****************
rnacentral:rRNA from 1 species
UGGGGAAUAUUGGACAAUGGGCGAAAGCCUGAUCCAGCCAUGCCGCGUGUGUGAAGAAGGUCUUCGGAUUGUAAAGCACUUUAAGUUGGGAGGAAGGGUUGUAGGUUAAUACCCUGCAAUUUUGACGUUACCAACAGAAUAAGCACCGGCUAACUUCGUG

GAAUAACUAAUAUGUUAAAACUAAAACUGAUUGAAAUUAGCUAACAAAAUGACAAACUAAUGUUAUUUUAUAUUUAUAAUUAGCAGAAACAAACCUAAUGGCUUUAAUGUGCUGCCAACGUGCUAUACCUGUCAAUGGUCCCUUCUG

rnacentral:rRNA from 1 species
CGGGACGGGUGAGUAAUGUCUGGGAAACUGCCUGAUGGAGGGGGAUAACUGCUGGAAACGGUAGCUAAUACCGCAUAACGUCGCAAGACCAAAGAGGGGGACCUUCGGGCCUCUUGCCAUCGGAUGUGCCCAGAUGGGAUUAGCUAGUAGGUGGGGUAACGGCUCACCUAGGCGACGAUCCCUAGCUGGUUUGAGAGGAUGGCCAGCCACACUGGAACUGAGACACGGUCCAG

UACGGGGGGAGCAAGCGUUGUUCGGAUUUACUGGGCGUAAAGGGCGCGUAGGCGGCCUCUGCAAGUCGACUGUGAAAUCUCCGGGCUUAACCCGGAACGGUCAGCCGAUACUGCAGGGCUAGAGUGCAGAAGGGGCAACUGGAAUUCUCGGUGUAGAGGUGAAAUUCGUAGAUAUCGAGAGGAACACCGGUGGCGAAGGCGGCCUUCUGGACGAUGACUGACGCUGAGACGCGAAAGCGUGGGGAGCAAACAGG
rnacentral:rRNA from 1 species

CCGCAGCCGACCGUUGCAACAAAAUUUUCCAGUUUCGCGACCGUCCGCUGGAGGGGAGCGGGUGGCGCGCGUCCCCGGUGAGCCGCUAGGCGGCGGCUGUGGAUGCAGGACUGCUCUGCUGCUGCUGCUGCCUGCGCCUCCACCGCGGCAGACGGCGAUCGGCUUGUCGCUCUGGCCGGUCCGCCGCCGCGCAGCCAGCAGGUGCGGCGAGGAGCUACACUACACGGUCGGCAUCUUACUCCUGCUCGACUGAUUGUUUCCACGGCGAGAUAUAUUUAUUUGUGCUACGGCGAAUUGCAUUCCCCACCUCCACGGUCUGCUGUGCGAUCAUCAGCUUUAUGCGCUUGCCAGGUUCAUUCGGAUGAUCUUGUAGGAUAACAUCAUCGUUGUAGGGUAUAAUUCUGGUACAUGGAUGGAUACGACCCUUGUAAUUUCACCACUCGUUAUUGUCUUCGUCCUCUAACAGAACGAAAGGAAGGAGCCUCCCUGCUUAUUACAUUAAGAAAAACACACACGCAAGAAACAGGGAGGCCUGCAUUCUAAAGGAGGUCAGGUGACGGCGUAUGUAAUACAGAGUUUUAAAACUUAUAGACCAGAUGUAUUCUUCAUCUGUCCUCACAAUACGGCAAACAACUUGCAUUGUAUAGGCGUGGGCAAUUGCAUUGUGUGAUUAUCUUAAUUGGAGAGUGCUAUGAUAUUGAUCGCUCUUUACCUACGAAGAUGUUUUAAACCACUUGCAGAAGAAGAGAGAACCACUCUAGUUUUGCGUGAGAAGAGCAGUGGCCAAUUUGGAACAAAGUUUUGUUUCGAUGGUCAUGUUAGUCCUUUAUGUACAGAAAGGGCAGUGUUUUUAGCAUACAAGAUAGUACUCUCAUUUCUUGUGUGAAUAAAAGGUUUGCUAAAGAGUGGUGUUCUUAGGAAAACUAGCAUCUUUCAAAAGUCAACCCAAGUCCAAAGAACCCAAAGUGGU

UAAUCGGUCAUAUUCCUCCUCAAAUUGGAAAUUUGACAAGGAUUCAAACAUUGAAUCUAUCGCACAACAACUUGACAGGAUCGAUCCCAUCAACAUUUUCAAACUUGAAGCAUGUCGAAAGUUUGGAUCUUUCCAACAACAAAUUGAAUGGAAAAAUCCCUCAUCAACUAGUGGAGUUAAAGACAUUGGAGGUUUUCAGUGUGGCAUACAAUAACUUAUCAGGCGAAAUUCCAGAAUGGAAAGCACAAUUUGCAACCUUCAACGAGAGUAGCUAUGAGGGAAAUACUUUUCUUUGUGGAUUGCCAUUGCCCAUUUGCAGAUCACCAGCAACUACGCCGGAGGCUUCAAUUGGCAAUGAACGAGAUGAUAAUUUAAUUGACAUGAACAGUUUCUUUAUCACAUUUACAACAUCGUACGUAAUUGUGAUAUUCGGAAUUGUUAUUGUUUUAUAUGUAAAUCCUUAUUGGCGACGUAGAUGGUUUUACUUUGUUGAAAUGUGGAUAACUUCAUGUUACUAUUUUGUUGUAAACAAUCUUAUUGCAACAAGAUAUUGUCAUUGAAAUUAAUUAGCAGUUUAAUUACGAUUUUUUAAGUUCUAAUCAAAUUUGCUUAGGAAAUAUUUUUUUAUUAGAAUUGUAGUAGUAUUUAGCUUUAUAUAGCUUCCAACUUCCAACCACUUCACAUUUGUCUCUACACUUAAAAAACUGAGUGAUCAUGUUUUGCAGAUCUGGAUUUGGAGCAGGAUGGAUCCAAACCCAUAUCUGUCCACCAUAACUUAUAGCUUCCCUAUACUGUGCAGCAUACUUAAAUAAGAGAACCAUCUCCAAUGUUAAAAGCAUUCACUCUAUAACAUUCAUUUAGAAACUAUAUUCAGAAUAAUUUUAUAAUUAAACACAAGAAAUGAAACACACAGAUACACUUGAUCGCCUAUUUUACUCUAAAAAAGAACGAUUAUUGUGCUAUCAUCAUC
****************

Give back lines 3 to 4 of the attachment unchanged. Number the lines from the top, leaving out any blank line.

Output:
GAAUAACUAAUAUGUUAAAACUAAAACUGAUUGAAAUUAGCUAACAAAAUGACAAACUAAUGUUAUUUUAUAUUUAUAAUUAGCAGAAACAAACCUAAUGGCUUUAAUGUGCUGCCAACGUGCUAUACCUGUCAAUGGUCCCUUCUG

rnacentral:rRNA from 1 species